Since many of the bombing survivors are now in their 70s or older, Japanese observers often worry the peace movement will die out with them and send the country back into a militarist phase.
But there was no sign of that in the stifling heat here Friday where thousands gathered to mark the horror of Aug. 6, 1945, when the atomic bomb obliterated much of the city, killing 140,000. Many elders – along with school teachers, church leaders and NGO activists from across Japan – could be seen showing children the peace monuments. Children passed out flowers to senior citizens, while the Japanese version of neo-hippy teenagers and buskers in their 20s and 30s played spiritual music on homemade instruments or made speeches against war. And for the first time Friday, a U.S. official was among the 74 international representatives at the official memorial.
Bolstered by streams of foreign tourists making the pilgrimage to Hiroshima on the bullet train, the Hiroshima youth seem to revel in the attention given their city, which otherwise lacks the celebrity scene and creative industries of Osaka and Tokyo, more than 800 kilometres to the east.
“I wasn’t here when it happened, but we kids have a long life ahead of us. We can’t let this happen again. ”— Anna Yanagida, age 11
Unlike their parents and grandparents, Ms. Sasaki’s generation is much more open about talking about the bombing of Hiroshima. “My grandparents wanted to forget everything. It was such a terrible experience for them,” says Ms. Sasaki, showing a foreign visitor around the park. “They never told us about the war. It was as if it never happened.”
Meeting a group of inquisitive students from Tokyo, Ms. Sasaki engages them in a conversation about how to change the world. “I wasn’t here when it happened, but we kids have a long life ahead of us,” says Anna Yanagida, age 11. “We can’t let this happen again.”
Miyamoto Waichi, 90, who lost his sister in the bombing, joins the conversation. “I used to go to a movie theatre right here,” he says, standing in the park under a palm tree. “This was a very lively shopping area. Everything we knew suddenly disappeared.” He says he only comes to the park once a year, on Aug. 6, to offer flowers to the souls of his deceased relatives. “It was terrible what happened. But we had to rebuild and move on.”
In Grade 6, Ms. Sasaki’s class visited the Atomic Bomb museum. “I was so scared in the museum, I couldn’t look at anything,” she says. “I just held my friend’s hand and walked with my eyes closed the whole time.”
As a teenager interested in American-style clothing and hip-hop music, she didn’t think much about the greater meaning of the Atomic Bomb Dome and other monuments. Passing them every day on the city’s trolleys, it was easy to take these internationally famous sites for granted. She and her friends regarded the Peace Park as a “date spot” for couples to hold hands among the bushy cedars and exotic trees. The park was also a good place to get away from the bustle of other parts of the city. “Time slows down in the park,” she says. “We enjoy hanging out here. Sometimes we forget what happened here, and how much people suffered.”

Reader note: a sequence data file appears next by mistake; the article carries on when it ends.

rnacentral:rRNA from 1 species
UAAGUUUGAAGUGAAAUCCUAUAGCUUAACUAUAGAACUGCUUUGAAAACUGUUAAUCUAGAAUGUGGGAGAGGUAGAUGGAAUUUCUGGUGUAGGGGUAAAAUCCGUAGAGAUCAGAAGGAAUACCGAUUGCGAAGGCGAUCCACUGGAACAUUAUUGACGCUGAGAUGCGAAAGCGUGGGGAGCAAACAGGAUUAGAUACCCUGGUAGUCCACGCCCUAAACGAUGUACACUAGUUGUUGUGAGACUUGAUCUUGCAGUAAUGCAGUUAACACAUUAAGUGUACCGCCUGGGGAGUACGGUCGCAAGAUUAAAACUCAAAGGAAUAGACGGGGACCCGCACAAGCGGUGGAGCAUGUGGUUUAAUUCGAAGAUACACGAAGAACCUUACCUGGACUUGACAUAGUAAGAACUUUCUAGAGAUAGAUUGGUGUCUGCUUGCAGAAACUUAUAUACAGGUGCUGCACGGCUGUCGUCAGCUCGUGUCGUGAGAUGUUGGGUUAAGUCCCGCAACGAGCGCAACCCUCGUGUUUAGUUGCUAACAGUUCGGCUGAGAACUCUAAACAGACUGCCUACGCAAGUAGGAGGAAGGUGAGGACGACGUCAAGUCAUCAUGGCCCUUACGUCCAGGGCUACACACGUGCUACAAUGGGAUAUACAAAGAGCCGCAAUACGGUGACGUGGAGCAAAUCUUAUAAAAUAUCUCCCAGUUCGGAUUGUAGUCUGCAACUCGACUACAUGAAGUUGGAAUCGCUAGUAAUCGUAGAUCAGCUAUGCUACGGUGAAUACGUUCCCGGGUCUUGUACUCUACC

When she started working as a nurse at a local hospital, she came more into contact with the bombing victims, known as hibakusha, some of whom were slowing dying of radiation sickness dating back to 40 years before she was born. They were embarrassed about their conditions, and had suffered prejudice within Japanese society; men would refuse to marry women from Hiroshima out of fear that their offspring would have genetic mutations. Many of them were dying alone, having lost their family members in the bombing, and unable to marry and have children.
The sad state of her patients led Ms. Sasaki back to the museum. Older now, she opened her eyes to the horrors it contained: three floors featuring large, grainy photos of scorched people in melted clothing desperately begging for water. She couldn’t stop crying then, and she says now she cries on the morning of every Aug. 6 at the ceremony in the park.
Curators at the museum have dared to confront taboo subjects such as the Nanjing Massacre in China, censorship by occupation authorities who allegedly covered up details about radiation sickness, and the government’s refusal to recognize hibakusha until 1957. The writing in Japanese and English is blunt, with warnings about nuclear winter and an atomic Armageddon, and a globe showing how the United States, Russia and others have stockpiled nuclear arms.
Outside, in the park, Ms. Sasaki looks over pages of Japanese newspapers that depict the suffering of Japanese soldiers overseas, and blame the Imperial military government for sending them to fight without adequate food or weaponry. The underlying theme, which has become common across Japan, is that Japanese civilians were innocent victims.
But Ms. Sasaki says it’s wrong for Japanese media and leaders to blame other countries for their suffering. “We have to blame ourselves also, and take responsibility, which Japanese don’t like to do. We are always asking other countries to apologize to us. But we should apologize also. If we really want to make world peace, we have to have more events here, instead of just one day a year. We need to bring the whole world here to see how terrible war is.”